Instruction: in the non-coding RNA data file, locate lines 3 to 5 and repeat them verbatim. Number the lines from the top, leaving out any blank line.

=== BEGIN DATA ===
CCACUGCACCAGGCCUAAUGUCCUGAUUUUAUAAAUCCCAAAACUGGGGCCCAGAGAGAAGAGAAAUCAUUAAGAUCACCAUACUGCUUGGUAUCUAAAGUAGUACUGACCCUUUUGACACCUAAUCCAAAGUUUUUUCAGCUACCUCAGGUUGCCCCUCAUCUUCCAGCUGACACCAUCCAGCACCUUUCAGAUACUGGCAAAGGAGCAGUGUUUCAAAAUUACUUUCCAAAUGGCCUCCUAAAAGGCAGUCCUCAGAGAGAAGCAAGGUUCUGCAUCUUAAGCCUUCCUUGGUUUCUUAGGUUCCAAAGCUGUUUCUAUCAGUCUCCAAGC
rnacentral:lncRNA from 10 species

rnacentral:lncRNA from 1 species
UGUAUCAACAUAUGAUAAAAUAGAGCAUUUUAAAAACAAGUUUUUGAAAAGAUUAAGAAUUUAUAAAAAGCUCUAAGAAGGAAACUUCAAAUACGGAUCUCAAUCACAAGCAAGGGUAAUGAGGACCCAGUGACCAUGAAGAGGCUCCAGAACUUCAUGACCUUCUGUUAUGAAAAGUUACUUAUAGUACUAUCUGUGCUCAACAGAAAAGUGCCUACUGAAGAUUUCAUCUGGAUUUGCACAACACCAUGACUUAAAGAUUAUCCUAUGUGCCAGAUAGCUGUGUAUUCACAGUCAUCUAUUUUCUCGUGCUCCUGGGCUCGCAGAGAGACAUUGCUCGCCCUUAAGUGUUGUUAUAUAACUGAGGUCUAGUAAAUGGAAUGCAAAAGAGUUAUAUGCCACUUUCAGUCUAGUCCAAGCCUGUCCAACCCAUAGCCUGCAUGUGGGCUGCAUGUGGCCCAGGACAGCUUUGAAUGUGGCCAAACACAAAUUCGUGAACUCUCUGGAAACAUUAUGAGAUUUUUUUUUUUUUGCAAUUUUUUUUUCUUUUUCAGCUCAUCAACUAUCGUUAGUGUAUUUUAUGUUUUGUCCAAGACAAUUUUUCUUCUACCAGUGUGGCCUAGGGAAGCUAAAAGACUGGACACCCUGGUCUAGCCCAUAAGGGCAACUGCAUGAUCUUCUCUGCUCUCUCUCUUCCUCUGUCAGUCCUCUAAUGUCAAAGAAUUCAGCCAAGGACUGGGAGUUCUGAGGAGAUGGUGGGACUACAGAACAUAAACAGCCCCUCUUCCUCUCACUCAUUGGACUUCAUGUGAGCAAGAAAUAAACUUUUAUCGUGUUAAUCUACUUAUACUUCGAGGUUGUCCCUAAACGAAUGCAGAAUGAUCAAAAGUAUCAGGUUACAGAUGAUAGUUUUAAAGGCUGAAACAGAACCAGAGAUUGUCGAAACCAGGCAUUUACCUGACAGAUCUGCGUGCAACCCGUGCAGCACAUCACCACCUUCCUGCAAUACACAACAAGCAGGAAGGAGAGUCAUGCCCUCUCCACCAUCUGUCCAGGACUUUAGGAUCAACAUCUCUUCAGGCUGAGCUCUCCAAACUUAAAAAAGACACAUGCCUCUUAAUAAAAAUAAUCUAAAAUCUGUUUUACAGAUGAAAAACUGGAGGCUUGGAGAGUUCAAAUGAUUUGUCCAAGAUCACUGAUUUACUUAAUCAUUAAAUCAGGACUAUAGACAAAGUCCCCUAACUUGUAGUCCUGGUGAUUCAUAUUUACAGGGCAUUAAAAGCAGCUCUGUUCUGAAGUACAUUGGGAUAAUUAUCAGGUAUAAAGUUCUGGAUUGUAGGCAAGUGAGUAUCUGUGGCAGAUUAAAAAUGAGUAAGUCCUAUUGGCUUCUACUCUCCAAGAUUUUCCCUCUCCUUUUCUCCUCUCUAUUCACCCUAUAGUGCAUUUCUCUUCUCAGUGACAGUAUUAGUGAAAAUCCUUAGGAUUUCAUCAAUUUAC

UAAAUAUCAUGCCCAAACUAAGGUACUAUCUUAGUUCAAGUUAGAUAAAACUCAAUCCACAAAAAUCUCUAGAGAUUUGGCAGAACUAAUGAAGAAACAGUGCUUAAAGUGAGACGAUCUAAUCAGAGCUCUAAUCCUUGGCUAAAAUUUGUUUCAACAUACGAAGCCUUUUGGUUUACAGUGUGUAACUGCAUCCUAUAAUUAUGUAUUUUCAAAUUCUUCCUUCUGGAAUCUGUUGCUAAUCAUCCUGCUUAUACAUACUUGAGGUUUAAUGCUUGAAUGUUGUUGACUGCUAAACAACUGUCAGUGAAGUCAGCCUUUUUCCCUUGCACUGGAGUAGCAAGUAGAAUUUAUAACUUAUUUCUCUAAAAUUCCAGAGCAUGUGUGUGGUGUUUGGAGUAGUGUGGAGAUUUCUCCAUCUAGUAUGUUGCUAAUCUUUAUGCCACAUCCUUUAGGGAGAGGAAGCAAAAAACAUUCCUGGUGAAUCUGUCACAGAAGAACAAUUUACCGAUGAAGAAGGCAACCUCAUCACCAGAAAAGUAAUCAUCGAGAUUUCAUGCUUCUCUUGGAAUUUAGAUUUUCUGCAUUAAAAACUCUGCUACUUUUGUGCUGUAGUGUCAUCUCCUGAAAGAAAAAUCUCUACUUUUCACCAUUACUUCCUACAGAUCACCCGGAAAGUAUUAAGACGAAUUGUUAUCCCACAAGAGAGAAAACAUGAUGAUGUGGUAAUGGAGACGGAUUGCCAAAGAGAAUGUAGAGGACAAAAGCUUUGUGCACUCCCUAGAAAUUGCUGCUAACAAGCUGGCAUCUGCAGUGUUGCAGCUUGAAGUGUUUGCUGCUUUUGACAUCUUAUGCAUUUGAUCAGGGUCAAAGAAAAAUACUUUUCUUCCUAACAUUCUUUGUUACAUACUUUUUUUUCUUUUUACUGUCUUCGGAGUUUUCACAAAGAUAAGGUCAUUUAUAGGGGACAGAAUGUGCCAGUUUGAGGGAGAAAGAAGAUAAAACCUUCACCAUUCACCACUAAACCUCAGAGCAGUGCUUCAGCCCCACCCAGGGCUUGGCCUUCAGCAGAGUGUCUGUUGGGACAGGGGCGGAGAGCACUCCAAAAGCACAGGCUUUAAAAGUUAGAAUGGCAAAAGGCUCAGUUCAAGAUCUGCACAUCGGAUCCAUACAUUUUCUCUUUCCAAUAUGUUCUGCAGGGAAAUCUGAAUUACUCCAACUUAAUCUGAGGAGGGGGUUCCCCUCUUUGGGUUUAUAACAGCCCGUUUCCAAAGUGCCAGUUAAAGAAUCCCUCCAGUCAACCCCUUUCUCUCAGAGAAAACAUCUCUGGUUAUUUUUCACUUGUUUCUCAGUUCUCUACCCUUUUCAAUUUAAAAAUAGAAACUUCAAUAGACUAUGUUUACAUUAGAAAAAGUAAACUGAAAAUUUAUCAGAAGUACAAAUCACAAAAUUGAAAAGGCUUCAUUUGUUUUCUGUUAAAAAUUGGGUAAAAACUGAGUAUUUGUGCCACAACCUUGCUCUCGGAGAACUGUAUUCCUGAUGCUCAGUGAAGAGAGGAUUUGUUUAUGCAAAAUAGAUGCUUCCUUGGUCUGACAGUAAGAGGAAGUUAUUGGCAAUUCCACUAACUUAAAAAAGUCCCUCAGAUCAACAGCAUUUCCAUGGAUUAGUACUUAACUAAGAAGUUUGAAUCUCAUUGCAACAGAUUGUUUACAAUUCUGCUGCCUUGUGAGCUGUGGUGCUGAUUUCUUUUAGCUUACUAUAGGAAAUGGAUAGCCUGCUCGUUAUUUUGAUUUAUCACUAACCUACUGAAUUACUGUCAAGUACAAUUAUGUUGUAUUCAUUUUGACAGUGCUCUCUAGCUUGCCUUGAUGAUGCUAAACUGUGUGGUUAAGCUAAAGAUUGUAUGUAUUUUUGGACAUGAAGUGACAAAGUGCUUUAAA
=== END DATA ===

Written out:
rnacentral:lncRNA from 1 species
UGUAUCAACAUAUGAUAAAAUAGAGCAUUUUAAAAACAAGUUUUUGAAAAGAUUAAGAAUUUAUAAAAAGCUCUAAGAAGGAAACUUCAAAUACGGAUCUCAAUCACAAGCAAGGGUAAUGAGGACCCAGUGACCAUGAAGAGGCUCCAGAACUUCAUGACCUUCUGUUAUGAAAAGUUACUUAUAGUACUAUCUGUGCUCAACAGAAAAGUGCCUACUGAAGAUUUCAUCUGGAUUUGCACAACACCAUGACUUAAAGAUUAUCCUAUGUGCCAGAUAGCUGUGUAUUCACAGUCAUCUAUUUUCUCGUGCUCCUGGGCUCGCAGAGAGACAUUGCUCGCCCUUAAGUGUUGUUAUAUAACUGAGGUCUAGUAAAUGGAAUGCAAAAGAGUUAUAUGCCACUUUCAGUCUAGUCCAAGCCUGUCCAACCCAUAGCCUGCAUGUGGGCUGCAUGUGGCCCAGGACAGCUUUGAAUGUGGCCAAACACAAAUUCGUGAACUCUCUGGAAACAUUAUGAGAUUUUUUUUUUUUUGCAAUUUUUUUUUCUUUUUCAGCUCAUCAACUAUCGUUAGUGUAUUUUAUGUUUUGUCCAAGACAAUUUUUCUUCUACCAGUGUGGCCUAGGGAAGCUAAAAGACUGGACACCCUGGUCUAGCCCAUAAGGGCAACUGCAUGAUCUUCUCUGCUCUCUCUCUUCCUCUGUCAGUCCUCUAAUGUCAAAGAAUUCAGCCAAGGACUGGGAGUUCUGAGGAGAUGGUGGGACUACAGAACAUAAACAGCCCCUCUUCCUCUCACUCAUUGGACUUCAUGUGAGCAAGAAAUAAACUUUUAUCGUGUUAAUCUACUUAUACUUCGAGGUUGUCCCUAAACGAAUGCAGAAUGAUCAAAAGUAUCAGGUUACAGAUGAUAGUUUUAAAGGCUGAAACAGAACCAGAGAUUGUCGAAACCAGGCAUUUACCUGACAGAUCUGCGUGCAACCCGUGCAGCACAUCACCACCUUCCUGCAAUACACAACAAGCAGGAAGGAGAGUCAUGCCCUCUCCACCAUCUGUCCAGGACUUUAGGAUCAACAUCUCUUCAGGCUGAGCUCUCCAAACUUAAAAAAGACACAUGCCUCUUAAUAAAAAUAAUCUAAAAUCUGUUUUACAGAUGAAAAACUGGAGGCUUGGAGAGUUCAAAUGAUUUGUCCAAGAUCACUGAUUUACUUAAUCAUUAAAUCAGGACUAUAGACAAAGUCCCCUAACUUGUAGUCCUGGUGAUUCAUAUUUACAGGGCAUUAAAAGCAGCUCUGUUCUGAAGUACAUUGGGAUAAUUAUCAGGUAUAAAGUUCUGGAUUGUAGGCAAGUGAGUAUCUGUGGCAGAUUAAAAAUGAGUAAGUCCUAUUGGCUUCUACUCUCCAAGAUUUUCCCUCUCCUUUUCUCCUCUCUAUUCACCCUAUAGUGCAUUUCUCUUCUCAGUGACAGUAUUAGUGAAAAUCCUUAGGAUUUCAUCAAUUUAC

UAAAUAUCAUGCCCAAACUAAGGUACUAUCUUAGUUCAAGUUAGAUAAAACUCAAUCCACAAAAAUCUCUAGAGAUUUGGCAGAACUAAUGAAGAAACAGUGCUUAAAGUGAGACGAUCUAAUCAGAGCUCUAAUCCUUGGCUAAAAUUUGUUUCAACAUACGAAGCCUUUUGGUUUACAGUGUGUAACUGCAUCCUAUAAUUAUGUAUUUUCAAAUUCUUCCUUCUGGAAUCUGUUGCUAAUCAUCCUGCUUAUACAUACUUGAGGUUUAAUGCUUGAAUGUUGUUGACUGCUAAACAACUGUCAGUGAAGUCAGCCUUUUUCCCUUGCACUGGAGUAGCAAGUAGAAUUUAUAACUUAUUUCUCUAAAAUUCCAGAGCAUGUGUGUGGUGUUUGGAGUAGUGUGGAGAUUUCUCCAUCUAGUAUGUUGCUAAUCUUUAUGCCACAUCCUUUAGGGAGAGGAAGCAAAAAACAUUCCUGGUGAAUCUGUCACAGAAGAACAAUUUACCGAUGAAGAAGGCAACCUCAUCACCAGAAAAGUAAUCAUCGAGAUUUCAUGCUUCUCUUGGAAUUUAGAUUUUCUGCAUUAAAAACUCUGCUACUUUUGUGCUGUAGUGUCAUCUCCUGAAAGAAAAAUCUCUACUUUUCACCAUUACUUCCUACAGAUCACCCGGAAAGUAUUAAGACGAAUUGUUAUCCCACAAGAGAGAAAACAUGAUGAUGUGGUAAUGGAGACGGAUUGCCAAAGAGAAUGUAGAGGACAAAAGCUUUGUGCACUCCCUAGAAAUUGCUGCUAACAAGCUGGCAUCUGCAGUGUUGCAGCUUGAAGUGUUUGCUGCUUUUGACAUCUUAUGCAUUUGAUCAGGGUCAAAGAAAAAUACUUUUCUUCCUAACAUUCUUUGUUACAUACUUUUUUUUCUUUUUACUGUCUUCGGAGUUUUCACAAAGAUAAGGUCAUUUAUAGGGGACAGAAUGUGCCAGUUUGAGGGAGAAAGAAGAUAAAACCUUCACCAUUCACCACUAAACCUCAGAGCAGUGCUUCAGCCCCACCCAGGGCUUGGCCUUCAGCAGAGUGUCUGUUGGGACAGGGGCGGAGAGCACUCCAAAAGCACAGGCUUUAAAAGUUAGAAUGGCAAAAGGCUCAGUUCAAGAUCUGCACAUCGGAUCCAUACAUUUUCUCUUUCCAAUAUGUUCUGCAGGGAAAUCUGAAUUACUCCAACUUAAUCUGAGGAGGGGGUUCCCCUCUUUGGGUUUAUAACAGCCCGUUUCCAAAGUGCCAGUUAAAGAAUCCCUCCAGUCAACCCCUUUCUCUCAGAGAAAACAUCUCUGGUUAUUUUUCACUUGUUUCUCAGUUCUCUACCCUUUUCAAUUUAAAAAUAGAAACUUCAAUAGACUAUGUUUACAUUAGAAAAAGUAAACUGAAAAUUUAUCAGAAGUACAAAUCACAAAAUUGAAAAGGCUUCAUUUGUUUUCUGUUAAAAAUUGGGUAAAAACUGAGUAUUUGUGCCACAACCUUGCUCUCGGAGAACUGUAUUCCUGAUGCUCAGUGAAGAGAGGAUUUGUUUAUGCAAAAUAGAUGCUUCCUUGGUCUGACAGUAAGAGGAAGUUAUUGGCAAUUCCACUAACUUAAAAAAGUCCCUCAGAUCAACAGCAUUUCCAUGGAUUAGUACUUAACUAAGAAGUUUGAAUCUCAUUGCAACAGAUUGUUUACAAUUCUGCUGCCUUGUGAGCUGUGGUGCUGAUUUCUUUUAGCUUACUAUAGGAAAUGGAUAGCCUGCUCGUUAUUUUGAUUUAUCACUAACCUACUGAAUUACUGUCAAGUACAAUUAUGUUGUAUUCAUUUUGACAGUGCUCUCUAGCUUGCCUUGAUGAUGCUAAACUGUGUGGUUAAGCUAAAGAUUGUAUGUAUUUUUGGACAUGAAGUGACAAAGUGCUUUAAA